A few weeks ago, an anesthesiologist resigned from our medical staff to take an opportunity out of state. Recently, one of the anesthesiologist’s cases was flagged by a peer review specialist who sent me an email asking whether we should continue with our standard peer review process. Do you have any guidance?
OUR ANSWER FROM HORTYSPRINGER ATTORNEY JOHN WIECZOREK:
This situation is more common than you’d think, but always tricky. Because the anesthesiologist is no longer a member of your medical staff, we would advise that peer review of that anesthesiologist’s medical services provided at your hospital should be discontinued. The purpose of peer reviewing a specific physician is to ensure and improve quality; this purpose can no longer be effectuated if the anesthesiologist has left the medical staff. Among other things, many of the tools that could be used to improve care would no longer be available (such as asking the questions about the case, having the anesthesiologist complete additional training, or monitoring a few of the anesthesiologist’s cases at the hospital).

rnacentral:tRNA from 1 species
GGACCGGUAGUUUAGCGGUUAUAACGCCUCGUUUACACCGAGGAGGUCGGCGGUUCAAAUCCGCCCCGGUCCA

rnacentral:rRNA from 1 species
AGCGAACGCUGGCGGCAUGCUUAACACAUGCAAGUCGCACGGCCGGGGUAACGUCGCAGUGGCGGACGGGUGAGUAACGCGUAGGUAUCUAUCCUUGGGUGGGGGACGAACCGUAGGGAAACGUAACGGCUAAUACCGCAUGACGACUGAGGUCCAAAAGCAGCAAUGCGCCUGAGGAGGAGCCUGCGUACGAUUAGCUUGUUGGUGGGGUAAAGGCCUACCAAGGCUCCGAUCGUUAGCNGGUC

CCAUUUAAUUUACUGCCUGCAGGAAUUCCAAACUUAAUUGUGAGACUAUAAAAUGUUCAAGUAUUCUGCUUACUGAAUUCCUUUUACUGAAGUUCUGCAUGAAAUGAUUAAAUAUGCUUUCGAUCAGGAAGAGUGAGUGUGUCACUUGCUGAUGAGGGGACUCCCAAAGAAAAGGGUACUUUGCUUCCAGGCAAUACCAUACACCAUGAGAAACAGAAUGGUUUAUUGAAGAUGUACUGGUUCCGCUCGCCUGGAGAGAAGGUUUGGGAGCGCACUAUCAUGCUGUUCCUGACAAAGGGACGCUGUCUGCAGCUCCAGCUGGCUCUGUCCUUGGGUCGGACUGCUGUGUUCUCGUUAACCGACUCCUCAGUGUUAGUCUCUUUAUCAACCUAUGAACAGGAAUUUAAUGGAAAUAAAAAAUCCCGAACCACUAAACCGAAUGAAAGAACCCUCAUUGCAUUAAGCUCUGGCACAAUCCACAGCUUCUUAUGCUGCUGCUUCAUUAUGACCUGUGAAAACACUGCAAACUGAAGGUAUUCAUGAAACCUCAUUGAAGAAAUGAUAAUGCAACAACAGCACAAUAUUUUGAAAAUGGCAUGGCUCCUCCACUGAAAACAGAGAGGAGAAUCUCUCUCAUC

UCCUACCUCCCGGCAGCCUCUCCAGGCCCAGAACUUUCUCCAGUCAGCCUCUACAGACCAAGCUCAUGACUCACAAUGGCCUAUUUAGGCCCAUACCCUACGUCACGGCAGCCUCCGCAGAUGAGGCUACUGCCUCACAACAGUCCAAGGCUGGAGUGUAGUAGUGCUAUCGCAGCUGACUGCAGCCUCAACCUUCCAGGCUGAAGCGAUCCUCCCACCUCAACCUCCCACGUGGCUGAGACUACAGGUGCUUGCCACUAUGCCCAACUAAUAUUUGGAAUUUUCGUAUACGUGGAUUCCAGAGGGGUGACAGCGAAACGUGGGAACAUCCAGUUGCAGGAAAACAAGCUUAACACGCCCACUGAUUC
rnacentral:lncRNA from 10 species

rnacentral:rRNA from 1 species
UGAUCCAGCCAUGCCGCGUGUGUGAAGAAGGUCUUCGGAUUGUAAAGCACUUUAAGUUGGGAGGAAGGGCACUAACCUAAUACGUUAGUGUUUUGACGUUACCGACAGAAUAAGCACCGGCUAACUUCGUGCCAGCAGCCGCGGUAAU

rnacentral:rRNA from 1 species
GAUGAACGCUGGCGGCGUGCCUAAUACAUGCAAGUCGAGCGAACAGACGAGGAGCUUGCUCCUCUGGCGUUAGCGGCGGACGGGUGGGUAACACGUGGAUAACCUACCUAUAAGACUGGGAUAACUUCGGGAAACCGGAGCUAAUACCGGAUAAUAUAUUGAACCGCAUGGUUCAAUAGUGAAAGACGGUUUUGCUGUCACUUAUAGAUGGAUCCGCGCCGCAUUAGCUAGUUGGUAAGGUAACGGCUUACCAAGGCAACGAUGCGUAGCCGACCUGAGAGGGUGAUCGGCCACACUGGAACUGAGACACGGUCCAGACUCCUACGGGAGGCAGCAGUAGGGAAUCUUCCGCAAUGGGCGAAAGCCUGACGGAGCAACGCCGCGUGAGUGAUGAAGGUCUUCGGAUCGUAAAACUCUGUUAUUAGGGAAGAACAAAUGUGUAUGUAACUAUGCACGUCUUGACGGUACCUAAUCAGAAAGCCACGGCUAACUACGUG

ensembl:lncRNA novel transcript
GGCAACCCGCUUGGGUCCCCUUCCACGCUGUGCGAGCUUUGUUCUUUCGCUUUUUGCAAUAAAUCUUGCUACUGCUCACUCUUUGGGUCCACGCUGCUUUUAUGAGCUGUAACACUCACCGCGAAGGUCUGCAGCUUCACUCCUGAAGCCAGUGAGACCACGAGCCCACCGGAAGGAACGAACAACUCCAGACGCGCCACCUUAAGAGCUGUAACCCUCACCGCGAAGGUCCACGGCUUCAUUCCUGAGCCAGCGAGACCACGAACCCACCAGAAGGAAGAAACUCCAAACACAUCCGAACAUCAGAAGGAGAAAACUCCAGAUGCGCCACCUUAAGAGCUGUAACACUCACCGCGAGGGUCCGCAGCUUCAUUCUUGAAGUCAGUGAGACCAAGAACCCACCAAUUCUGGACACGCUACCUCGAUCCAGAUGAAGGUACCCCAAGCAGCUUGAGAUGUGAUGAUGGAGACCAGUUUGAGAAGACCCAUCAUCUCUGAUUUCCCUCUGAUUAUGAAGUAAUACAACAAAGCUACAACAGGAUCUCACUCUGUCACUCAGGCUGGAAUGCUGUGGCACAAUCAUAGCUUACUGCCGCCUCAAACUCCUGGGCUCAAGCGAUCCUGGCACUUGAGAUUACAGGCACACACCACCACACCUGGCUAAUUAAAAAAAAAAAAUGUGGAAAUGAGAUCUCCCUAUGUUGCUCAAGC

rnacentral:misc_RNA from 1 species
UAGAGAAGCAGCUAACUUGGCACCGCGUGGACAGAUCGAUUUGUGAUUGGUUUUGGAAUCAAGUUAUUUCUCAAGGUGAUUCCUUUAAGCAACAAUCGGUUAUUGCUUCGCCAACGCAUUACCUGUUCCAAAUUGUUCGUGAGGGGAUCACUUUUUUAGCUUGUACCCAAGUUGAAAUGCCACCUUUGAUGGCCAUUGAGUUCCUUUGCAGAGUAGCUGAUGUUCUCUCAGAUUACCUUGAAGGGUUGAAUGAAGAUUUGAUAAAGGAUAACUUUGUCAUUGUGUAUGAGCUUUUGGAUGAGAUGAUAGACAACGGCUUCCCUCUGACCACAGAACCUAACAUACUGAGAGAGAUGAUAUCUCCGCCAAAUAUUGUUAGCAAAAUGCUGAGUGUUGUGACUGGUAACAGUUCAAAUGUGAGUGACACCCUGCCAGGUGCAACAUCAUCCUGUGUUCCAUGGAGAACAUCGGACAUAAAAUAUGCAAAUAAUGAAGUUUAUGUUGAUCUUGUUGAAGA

Also, depending on state law, a malpractice attorney may argue that the peer review privilege no longer applies to reviews conducted after the anesthesiologist has left the medical staff. Finally, if the anesthesiologist turns around and sues the hospital for whatever reason, continuing peer review of the anesthesiologist after their departure may give an eager plaintiff’s attorney something to hang onto (e.g., allegations that the purpose of the review is to harm the physician).
This does not mean the case should completely fall out of review; system-issues that were identified outside of the care being provided by the anesthesiologist are still relevant and should be addressed. We would just advise that any issues related to the anesthesiologist’s practice at the hospital be put aside.